nLiberal rules of origin, so goods from other countries processed in Singapore will enjoy low tariffs. 

nSafeguards against expropriation of and discrimination against Singapore investments. 

The FTA is a boost in trade between the two economies and greater access for Singapore firms to the growing market. 

Sri Lanka is a promising market and a fast-growing economy. It’s also a beautiful country with great tourism potential. On the whole, this FTA is likely to open up huge opportunities for Singapore and Sri Lankan companies. 

The size of Sri Lanka’s economy – $ 81 billion (S$107 billion) in 2016 – is just over a quarter of Singapore’s, but its annual growth has averaged 6.2% since the end of the civil war in 2009. Its population is also close to four times that of Singapore. 

Trade between the two countries last year was $2.7 billion, up from $2.05 billion in 2015. 

With China pouring billions into the South Asian island country, investing in, among other things, a port and a financial centre, the FTA could also help Singapore benefit indirectly from the fruits of the Belt and Road Initiative there, he added. 

The deal also covers services, with the two countries committing to allow greater access in each other’s markets for professional, environmental, construction, tourism and travel-related services. 

On the FTA’s impact on Singapore, he said the Singapore market has always been more open. 

Many investments are planned. Established players like flour producer Prima Group, which entered Sri Lanka in 1977, as well as newer ones like infrastructure firms Hyflux and Sembcorp. Even smaller firms like foodcourt chain Food Republic are coming to Sri Lanka. These are all positive results from the FTA. 

It includes Sri Lanka’s first treaty commitment on government procurement. This will allow Singapore companies to bid for projects by several of Sri Lanka’s large central entities and State-Owned Enterprises. 

Singapore and Sri Lanka are also committed to granting better access to each other’s services markets, said MTI, adding that the agreement includes sectors of interest to Singapore companies in the professional and trade-related services as well as environment, construction and tourism.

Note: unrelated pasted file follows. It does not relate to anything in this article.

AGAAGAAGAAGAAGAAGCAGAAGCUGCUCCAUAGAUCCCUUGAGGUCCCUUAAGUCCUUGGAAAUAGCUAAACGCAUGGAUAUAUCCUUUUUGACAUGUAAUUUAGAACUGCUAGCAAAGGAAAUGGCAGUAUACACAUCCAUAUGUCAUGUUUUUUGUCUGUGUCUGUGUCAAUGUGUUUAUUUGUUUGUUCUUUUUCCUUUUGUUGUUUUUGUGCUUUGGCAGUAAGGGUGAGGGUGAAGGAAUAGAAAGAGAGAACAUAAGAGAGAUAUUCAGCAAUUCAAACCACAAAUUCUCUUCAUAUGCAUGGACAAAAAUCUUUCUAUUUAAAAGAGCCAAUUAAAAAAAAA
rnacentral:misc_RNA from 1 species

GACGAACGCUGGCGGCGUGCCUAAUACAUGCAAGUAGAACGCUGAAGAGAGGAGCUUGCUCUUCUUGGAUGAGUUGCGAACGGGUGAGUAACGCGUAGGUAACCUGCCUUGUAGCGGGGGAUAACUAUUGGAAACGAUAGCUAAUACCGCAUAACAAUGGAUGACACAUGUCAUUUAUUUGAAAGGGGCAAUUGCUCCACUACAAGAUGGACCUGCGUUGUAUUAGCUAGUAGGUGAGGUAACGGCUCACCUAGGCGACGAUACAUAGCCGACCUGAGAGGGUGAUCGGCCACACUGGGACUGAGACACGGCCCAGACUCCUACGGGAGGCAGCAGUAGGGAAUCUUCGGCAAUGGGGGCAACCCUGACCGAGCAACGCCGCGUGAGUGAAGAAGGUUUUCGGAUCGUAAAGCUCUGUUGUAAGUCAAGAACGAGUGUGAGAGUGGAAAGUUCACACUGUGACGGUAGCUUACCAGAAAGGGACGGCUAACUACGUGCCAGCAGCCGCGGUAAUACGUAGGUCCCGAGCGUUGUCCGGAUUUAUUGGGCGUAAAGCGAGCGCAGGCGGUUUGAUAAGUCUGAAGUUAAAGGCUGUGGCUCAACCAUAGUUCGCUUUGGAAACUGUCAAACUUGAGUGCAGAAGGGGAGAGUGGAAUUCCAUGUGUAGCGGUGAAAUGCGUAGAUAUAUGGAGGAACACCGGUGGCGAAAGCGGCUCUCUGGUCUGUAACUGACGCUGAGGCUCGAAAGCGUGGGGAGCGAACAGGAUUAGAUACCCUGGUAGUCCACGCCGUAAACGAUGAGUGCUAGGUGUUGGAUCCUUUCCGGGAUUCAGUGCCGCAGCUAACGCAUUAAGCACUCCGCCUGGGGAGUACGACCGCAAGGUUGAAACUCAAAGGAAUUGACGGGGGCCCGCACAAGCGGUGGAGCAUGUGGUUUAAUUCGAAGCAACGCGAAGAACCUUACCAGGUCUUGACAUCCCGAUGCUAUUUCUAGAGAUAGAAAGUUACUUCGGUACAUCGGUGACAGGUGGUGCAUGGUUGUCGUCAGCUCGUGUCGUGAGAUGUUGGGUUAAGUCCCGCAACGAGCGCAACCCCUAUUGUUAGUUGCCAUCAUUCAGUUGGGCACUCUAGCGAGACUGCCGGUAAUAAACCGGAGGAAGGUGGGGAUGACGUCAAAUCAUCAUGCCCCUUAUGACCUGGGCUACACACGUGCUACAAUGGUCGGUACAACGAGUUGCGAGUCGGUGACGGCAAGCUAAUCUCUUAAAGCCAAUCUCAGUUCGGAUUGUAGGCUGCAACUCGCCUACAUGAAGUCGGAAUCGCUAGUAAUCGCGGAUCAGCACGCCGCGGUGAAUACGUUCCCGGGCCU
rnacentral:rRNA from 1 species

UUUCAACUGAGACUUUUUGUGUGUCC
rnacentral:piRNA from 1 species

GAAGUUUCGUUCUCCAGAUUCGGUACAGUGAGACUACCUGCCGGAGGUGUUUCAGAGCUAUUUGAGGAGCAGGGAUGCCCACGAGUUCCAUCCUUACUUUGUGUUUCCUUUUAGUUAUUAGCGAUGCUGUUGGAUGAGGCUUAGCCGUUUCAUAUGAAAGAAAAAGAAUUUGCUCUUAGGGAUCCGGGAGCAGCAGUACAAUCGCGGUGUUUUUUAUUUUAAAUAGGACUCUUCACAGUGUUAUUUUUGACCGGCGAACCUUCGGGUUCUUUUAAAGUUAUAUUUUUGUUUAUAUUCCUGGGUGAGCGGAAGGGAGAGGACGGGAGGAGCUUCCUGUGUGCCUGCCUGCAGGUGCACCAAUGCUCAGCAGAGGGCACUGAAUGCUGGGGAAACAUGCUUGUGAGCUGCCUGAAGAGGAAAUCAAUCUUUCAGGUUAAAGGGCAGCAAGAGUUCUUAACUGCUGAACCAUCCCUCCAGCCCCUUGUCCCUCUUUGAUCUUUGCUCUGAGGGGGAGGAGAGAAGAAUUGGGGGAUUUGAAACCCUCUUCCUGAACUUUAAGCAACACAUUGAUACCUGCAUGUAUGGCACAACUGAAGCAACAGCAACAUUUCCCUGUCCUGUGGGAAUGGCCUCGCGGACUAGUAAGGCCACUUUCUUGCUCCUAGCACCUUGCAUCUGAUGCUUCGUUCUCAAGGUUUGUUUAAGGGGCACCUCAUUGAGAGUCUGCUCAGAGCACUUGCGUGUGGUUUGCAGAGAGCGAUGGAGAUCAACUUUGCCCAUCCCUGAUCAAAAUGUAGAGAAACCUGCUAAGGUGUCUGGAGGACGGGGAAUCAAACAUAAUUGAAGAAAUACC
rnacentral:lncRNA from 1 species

The SLSFTA also covers cross-border transfers of information by electronic means and data flows. MTI said this will benefit Singapore and Sri Lanka companies given the increase in demand for e-commerce and digital services. 

There are also safeguards against discriminatory treatment based on nationality and protection against expropriation.  

Under the agreement, the Singapore International Arbitration Centre is listed as an institution where Investor-State disputes can be heard. MTI said this is aligned with the objective of promoting Singapore as an arbitration hub. 

Sri Lanka’s first modern and comprehensive Free Trade Agreement 

The deal is Sri Lanka’s first “modern and comprehensive” Free Trade Agreement and will, said MTI, “position Singapore as an early and supportive partner of Sri Lanka’s economic liberalisation plans and development”.

To date, Singapore companies have established a presence in Sri Lanka in sectors such as construction, infrastructure, manufacturing, food and services. There are currently about 90 Singapore companies in Sri Lanka. 

MTI said Sri Lanka was Singapore’s 36th largest trading partner in 2017, and bilateral trade amounted to S $2.7 billion. Singapore’s exports to Sri Lanka totalled S $2.5 billion, while Singapore’s imports from Sri Lanka totalled S $178 million. 

Singapore’s top exports to Sri Lanka include petroleum and diesel, non-monetary gold and jewellery, while top imports from Sri Lanka include motor spirit, fuel oils, perfumes, clothing accessories and wheat flour. 

Despite the rapid increase in Sri Lanka’s service exports such as tourism, tourist arrivals from Singapore comprise only 0.93% of total tourist arrivals to Sri Lanka. The SLSFTA thus has the potential for broadening trade in services including tourism, telecommunications, transportation, education, hospitality, health and finance among other areas.